alsphoto.com Mina Sauk Falls Taum Sauk Al Schwartz Photo

Taken with Canon 5D and Nikon Nikkor 18mm f/3.5 lens

alsphoto.com Mina Sauk Falls Taum Sauk Al Schwartz Photo

Taken with Canon 5D and Nikon Nikkor 18mm f/3.5 lens

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On April 28, 2012, a hard rain hit St. Louis, Missouri that left softball size hail, and a gushing downpour of rain. I did not have time to go anywhere far from my house, so I visited Creve Coeur Park. The appropriately named “Dripping Springs Fall” has rarely produced more than a few drops of water. This time, I was pleasantly surprised.

Image

Taken with Canon 5D mkii and Cannon 24m TS-E lens

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It has been several months since I shot Joel and Kyra’s wedding in St. John, and I am already missing that magical island. Reviewing and posting these pictures will either help resist the urge to hop a plane and go back there today, or be the catalyst of an impulse purchase of a plane ticket.

Sand and waves, here I come!

Rainbow over St. John © alsphoto.com

A storm cloud produces a rainbow over the mountains of St. John.

Storm Approaches © alsphoto.com

A sudden rain shower approaches the island. Taken from Ram's Head Point

Some clever hikers stacked some rocks on Blue Cobblestone Beach

Sunset over St. Thomas © alsphoto.com

A striking sunset over St. Thomas, as seen from a mountain top on St. John

Upper Petroglyph Falls © alsphoto.com

The waterfall at the end of the Petroglyph Trail

Mimosas © alsphoto.com

Some wild mimosas in full bloom

Morning at Cinnamon Bay © alsphoto.com

Waves crash into the rocks on the beach at Cinnamon Bay.

Moonlight Over Great Cruz Bay © alsphoto.com

A full moon lights up a black ocean over Great Cruz Bay.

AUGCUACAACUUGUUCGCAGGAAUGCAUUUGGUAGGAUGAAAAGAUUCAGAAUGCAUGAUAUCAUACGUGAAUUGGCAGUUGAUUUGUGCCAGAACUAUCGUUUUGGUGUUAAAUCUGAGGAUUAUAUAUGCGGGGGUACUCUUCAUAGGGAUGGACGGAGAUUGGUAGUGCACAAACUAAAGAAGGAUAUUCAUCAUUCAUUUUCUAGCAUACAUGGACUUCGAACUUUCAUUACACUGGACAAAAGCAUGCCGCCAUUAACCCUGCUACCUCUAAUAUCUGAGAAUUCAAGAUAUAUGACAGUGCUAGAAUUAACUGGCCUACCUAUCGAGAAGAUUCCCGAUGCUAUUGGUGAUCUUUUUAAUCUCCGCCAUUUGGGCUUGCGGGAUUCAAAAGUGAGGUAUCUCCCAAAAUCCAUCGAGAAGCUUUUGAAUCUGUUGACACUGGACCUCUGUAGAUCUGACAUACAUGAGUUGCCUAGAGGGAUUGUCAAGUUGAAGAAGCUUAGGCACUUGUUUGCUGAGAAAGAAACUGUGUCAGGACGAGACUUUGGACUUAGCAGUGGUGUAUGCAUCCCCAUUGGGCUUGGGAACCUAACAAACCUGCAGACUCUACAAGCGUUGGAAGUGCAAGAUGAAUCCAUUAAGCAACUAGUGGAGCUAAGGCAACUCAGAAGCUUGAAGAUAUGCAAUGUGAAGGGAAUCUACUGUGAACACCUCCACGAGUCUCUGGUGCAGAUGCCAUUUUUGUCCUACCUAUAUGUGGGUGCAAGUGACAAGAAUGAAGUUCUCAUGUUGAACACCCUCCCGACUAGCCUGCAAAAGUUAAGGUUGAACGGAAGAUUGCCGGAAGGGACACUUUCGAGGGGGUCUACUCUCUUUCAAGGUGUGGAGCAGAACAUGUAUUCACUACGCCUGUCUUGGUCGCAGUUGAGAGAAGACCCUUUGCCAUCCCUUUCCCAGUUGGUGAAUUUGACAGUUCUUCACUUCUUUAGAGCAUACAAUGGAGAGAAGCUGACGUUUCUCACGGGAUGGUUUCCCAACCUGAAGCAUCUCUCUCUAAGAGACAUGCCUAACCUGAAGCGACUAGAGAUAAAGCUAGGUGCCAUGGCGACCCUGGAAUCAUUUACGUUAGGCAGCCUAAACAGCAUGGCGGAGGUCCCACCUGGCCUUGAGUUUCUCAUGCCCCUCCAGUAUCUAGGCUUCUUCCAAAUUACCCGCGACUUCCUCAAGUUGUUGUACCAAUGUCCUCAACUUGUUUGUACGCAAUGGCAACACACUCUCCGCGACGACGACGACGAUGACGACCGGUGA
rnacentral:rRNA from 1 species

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After a successful morning seeing Greer Spring, we headed north to see Mill Mountain Shut-Ins. The water was really low when we were there, so nothing was really flowing hard, but you can see that this area is probably a very neat place to visit after a hard rain. The trail to get there is a difficult hike if you don’t have a substantial 4×4 vehicle, which can take you about half way in to the foot trail.

To get to Mill Mountain:
From Eminence travel east on Highway 106 for about 7.5 miles. Turn right (south) on to Highway H and travel for 4 miles to the intersection with Highway NN. Go left (east) onto Highway NN and travel for almost 3 miles. Right before crossing Rocky Creek turn right (south) to the gravel road and pull-off. Park here and look for Ozark Trail signs. The Ozark Trail hiking trail crosses Rocky Creek here and heads north toward the natural area. It is a half-mile hike heading north on the Ozark Trail from the Rocky Creek Highway NN bridge to the natural area. Bring a map and compass for exploration.

All images taken with a Canon 5D MKii

Mill Mountain - Fall Reflections

Taken with Sigma 70-200 lens

Mill Mountain - Mill Mountain Low Cascades

Taken with Canon 24mm TS-E lens

Mill Mountain - Heart Rock Reflection

Taken with Sigma 70-200mm lens

Mill Mountain - Mill Mountain Upper Cascades

Taken with Sigma 70-200mm lens

Mill Mountain - Wraparound

Taken with Sigma 70-200mm lens